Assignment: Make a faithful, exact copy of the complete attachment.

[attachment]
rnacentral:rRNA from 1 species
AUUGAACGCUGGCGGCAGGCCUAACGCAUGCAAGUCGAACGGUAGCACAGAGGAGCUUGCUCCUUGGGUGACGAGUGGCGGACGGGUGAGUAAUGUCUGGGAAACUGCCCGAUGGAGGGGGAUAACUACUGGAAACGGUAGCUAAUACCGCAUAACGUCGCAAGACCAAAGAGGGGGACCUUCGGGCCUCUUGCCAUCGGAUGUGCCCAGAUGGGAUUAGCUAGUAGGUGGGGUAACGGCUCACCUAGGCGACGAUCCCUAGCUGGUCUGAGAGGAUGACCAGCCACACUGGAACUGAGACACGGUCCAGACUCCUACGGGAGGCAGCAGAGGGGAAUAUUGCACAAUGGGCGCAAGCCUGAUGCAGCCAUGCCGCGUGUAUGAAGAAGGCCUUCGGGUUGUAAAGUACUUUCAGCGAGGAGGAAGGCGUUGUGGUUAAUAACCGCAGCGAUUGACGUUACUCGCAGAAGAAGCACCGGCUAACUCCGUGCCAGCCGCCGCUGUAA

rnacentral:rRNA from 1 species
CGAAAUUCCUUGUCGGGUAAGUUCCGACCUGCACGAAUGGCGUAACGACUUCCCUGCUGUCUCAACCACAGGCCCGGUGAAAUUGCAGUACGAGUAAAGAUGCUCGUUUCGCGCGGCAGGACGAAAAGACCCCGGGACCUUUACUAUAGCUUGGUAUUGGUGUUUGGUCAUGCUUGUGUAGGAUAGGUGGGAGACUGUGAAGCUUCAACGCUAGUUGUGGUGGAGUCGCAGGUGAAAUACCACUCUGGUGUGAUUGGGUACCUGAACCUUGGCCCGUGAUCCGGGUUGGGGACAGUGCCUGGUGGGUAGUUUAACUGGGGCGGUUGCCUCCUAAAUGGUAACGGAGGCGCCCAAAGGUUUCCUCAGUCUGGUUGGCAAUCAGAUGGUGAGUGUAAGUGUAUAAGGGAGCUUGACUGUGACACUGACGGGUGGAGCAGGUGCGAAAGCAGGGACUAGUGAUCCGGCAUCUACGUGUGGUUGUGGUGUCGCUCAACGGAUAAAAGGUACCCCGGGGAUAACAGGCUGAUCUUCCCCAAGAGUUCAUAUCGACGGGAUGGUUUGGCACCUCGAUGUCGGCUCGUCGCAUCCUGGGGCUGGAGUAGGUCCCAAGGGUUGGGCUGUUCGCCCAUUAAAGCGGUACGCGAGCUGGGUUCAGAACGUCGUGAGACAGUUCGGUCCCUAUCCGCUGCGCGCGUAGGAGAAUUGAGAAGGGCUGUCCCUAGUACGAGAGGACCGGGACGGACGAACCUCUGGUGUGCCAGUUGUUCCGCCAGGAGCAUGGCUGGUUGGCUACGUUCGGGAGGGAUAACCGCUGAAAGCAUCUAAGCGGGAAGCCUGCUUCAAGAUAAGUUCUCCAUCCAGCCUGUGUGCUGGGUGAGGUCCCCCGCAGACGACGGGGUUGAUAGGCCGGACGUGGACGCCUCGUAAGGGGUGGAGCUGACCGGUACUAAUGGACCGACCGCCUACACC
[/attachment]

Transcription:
rnacentral:rRNA from 1 species
AUUGAACGCUGGCGGCAGGCCUAACGCAUGCAAGUCGAACGGUAGCACAGAGGAGCUUGCUCCUUGGGUGACGAGUGGCGGACGGGUGAGUAAUGUCUGGGAAACUGCCCGAUGGAGGGGGAUAACUACUGGAAACGGUAGCUAAUACCGCAUAACGUCGCAAGACCAAAGAGGGGGACCUUCGGGCCUCUUGCCAUCGGAUGUGCCCAGAUGGGAUUAGCUAGUAGGUGGGGUAACGGCUCACCUAGGCGACGAUCCCUAGCUGGUCUGAGAGGAUGACCAGCCACACUGGAACUGAGACACGGUCCAGACUCCUACGGGAGGCAGCAGAGGGGAAUAUUGCACAAUGGGCGCAAGCCUGAUGCAGCCAUGCCGCGUGUAUGAAGAAGGCCUUCGGGUUGUAAAGUACUUUCAGCGAGGAGGAAGGCGUUGUGGUUAAUAACCGCAGCGAUUGACGUUACUCGCAGAAGAAGCACCGGCUAACUCCGUGCCAGCCGCCGCUGUAA

rnacentral:rRNA from 1 species
CGAAAUUCCUUGUCGGGUAAGUUCCGACCUGCACGAAUGGCGUAACGACUUCCCUGCUGUCUCAACCACAGGCCCGGUGAAAUUGCAGUACGAGUAAAGAUGCUCGUUUCGCGCGGCAGGACGAAAAGACCCCGGGACCUUUACUAUAGCUUGGUAUUGGUGUUUGGUCAUGCUUGUGUAGGAUAGGUGGGAGACUGUGAAGCUUCAACGCUAGUUGUGGUGGAGUCGCAGGUGAAAUACCACUCUGGUGUGAUUGGGUACCUGAACCUUGGCCCGUGAUCCGGGUUGGGGACAGUGCCUGGUGGGUAGUUUAACUGGGGCGGUUGCCUCCUAAAUGGUAACGGAGGCGCCCAAAGGUUUCCUCAGUCUGGUUGGCAAUCAGAUGGUGAGUGUAAGUGUAUAAGGGAGCUUGACUGUGACACUGACGGGUGGAGCAGGUGCGAAAGCAGGGACUAGUGAUCCGGCAUCUACGUGUGGUUGUGGUGUCGCUCAACGGAUAAAAGGUACCCCGGGGAUAACAGGCUGAUCUUCCCCAAGAGUUCAUAUCGACGGGAUGGUUUGGCACCUCGAUGUCGGCUCGUCGCAUCCUGGGGCUGGAGUAGGUCCCAAGGGUUGGGCUGUUCGCCCAUUAAAGCGGUACGCGAGCUGGGUUCAGAACGUCGUGAGACAGUUCGGUCCCUAUCCGCUGCGCGCGUAGGAGAAUUGAGAAGGGCUGUCCCUAGUACGAGAGGACCGGGACGGACGAACCUCUGGUGUGCCAGUUGUUCCGCCAGGAGCAUGGCUGGUUGGCUACGUUCGGGAGGGAUAACCGCUGAAAGCAUCUAAGCGGGAAGCCUGCUUCAAGAUAAGUUCUCCAUCCAGCCUGUGUGCUGGGUGAGGUCCCCCGCAGACGACGGGGUUGAUAGGCCGGACGUGGACGCCUCGUAAGGGGUGGAGCUGACCGGUACUAAUGGACCGACCGCCUACACC